Hotel Pastis

Hotel Pastis

A Novel of Provence

Book - 1994
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With his national bestsellers A Year in Provence and Toujours Provence, Peter Mayle gave new meaning to the phrase "great escape". Now he has written a delightful novel of romance, adventure, and tongue-in-cheek suspense, set in the beguiling French region he has staked out as his own.
Publisher: New York : Random House, 1994, c1993.
Edition: 1st Vintage books ed.
ISBN: 9780679751113
0679751114
Characteristics: 389 pages ; 21 cm.

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MichelleBees
Aug 04, 2012

my first "cozy suspense." very enjoyable.

AnneDromeda Nov 07, 2011

London-based ad man Simon Shaw has had enough – enough massaging clients' egos, enough battling other agency directors for supremacy, enough dodging mutiny attempts from younger colleagues. In grey, cold London, he watches his marriage dissolve and realizes that the career that once excited him now seems like pointless drudgery, albeit with a lovely paycheque. Frustrated and burnt out, he decides to put the paycheque to good use, and heads to the south of France for a vacation in the sun. <br />

On the advice of a well-traveled friend, he heads to an undiscovered corner of paradise in Provence called Isle-sur-Sorgue. Author Peter Mayle does a wonderful job capturing the sensual experience of the region, capturing the light, smells, tastes, and even local speech patterns in frothy prose. Through a series of misadventures, Simon's Porche is disabled and he gets stuck in the sleepy town, where he meets a pretty Frenchwoman named Nicole. They discover a partially developed piece of property with a fantastic view, left to rot since the recession ate away the project's funding. <br />

He grudgingly returns to London, but not for long – the magnetic pull of Nicole and Isle-sur-Sorgue have him making frequent return trips, and his work suffers. When Nicole floats the idea of purchasing the old, partially developed gendarmerie to create a hotel, Simon's decision comes quickly – within months, he and his butler Ernest have moved to Isle-sur-Sorgue, and construction resumes. Meanwhile, a crew of colourful local crooks are plotting an elaborate bank robbery. As the date of the bank robbery and hotel opening march closer, Simon finds that running a luxurious hotel while ignoring local mobsters isn't so simple as he'd hoped. <br />

Mayle's light prose and dry humour keep the capers squarely in the realm of cozy suspense, and as the tension builds the reader is taken on a sumptuous tour of the delights hidden in rural Provence. Mayle creates a memorable ensemble cast of sympathetic characters, each with their own distinct voices and endearing foibles. While the pacing isn't always perfect, readers longing for a taste of the good life in Provence will certainly enjoy *Hotel Pastis*' rich, earthy comic romp. <br />

m
muffie
Sep 24, 2010

My favorite Peter Mayle book to date

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AnneDromeda Nov 07, 2011

London-based ad man Simon Shaw has had enough – enough massaging clients' egos, enough battling other agency directors for supremacy, enough dodging mutiny attempts from younger colleagues. In grey, cold London, he watches his marriage dissolve and realizes that the career that once excited him now seems like pointless drudgery, albeit with a lovely paycheque. Frustrated and burnt out, he decides to put the paycheque to good use, and heads to the south of France for a vacation in the sun. <br />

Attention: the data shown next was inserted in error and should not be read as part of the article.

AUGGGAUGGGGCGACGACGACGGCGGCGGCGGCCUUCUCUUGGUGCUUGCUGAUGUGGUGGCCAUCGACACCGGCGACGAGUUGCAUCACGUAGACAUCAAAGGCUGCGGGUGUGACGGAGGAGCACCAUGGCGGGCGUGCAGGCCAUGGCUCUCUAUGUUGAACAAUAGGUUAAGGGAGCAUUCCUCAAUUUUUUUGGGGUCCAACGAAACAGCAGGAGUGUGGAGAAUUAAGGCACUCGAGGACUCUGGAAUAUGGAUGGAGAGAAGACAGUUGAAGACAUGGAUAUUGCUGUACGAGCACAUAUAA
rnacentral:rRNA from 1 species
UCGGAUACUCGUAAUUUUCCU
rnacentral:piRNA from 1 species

On the advice of a well-traveled friend, he heads to an undiscovered corner of paradise in Provence called Isle-sur-Sorgue. Author Peter Mayle does a wonderful job capturing the sensual experience of the region, capturing the light, smells, tastes, and even local speech patterns in frothy prose. Through a series of misadventures, Simon's Porche is disabled and he gets stuck in the sleepy town, where he meets a pretty Frenchwoman named Nicole. They discover a partially developed piece of property with a fantastic view, left to rot since the recession ate away the project's funding. <br />

He grudgingly returns to London, but not for long – the magnetic pull of Nicole and Isle-sur-Sorgue have him making frequent return trips, and his work suffers. When Nicole floats the idea of purchasing the old, partially developed gendarmerie to create a hotel, Simon's decision comes quickly – within months, he and his butler Ernest have moved to Isle-sur-Sorgue, and construction resumes. Meanwhile, a crew of colourful local crooks are plotting an elaborate bank robbery. As the date of the bank robbery and hotel opening march closer, Simon finds that running a luxurious hotel while ignoring local mobsters isn't so simple as he'd hoped. <br />

Mayle's light prose and dry humour keep the capers squarely in the realm of cozy suspense, and as the tension builds the reader is taken on a sumptuous tour of the delights hidden in rural Provence. Mayle creates a memorable ensemble cast of sympathetic characters, each with their own distinct voices and endearing foibles. While the pacing isn't always perfect, readers longing for a taste of the good life in Provence will certainly enjoy *Hotel Pastis*' rich, earthy comic romp. <br />

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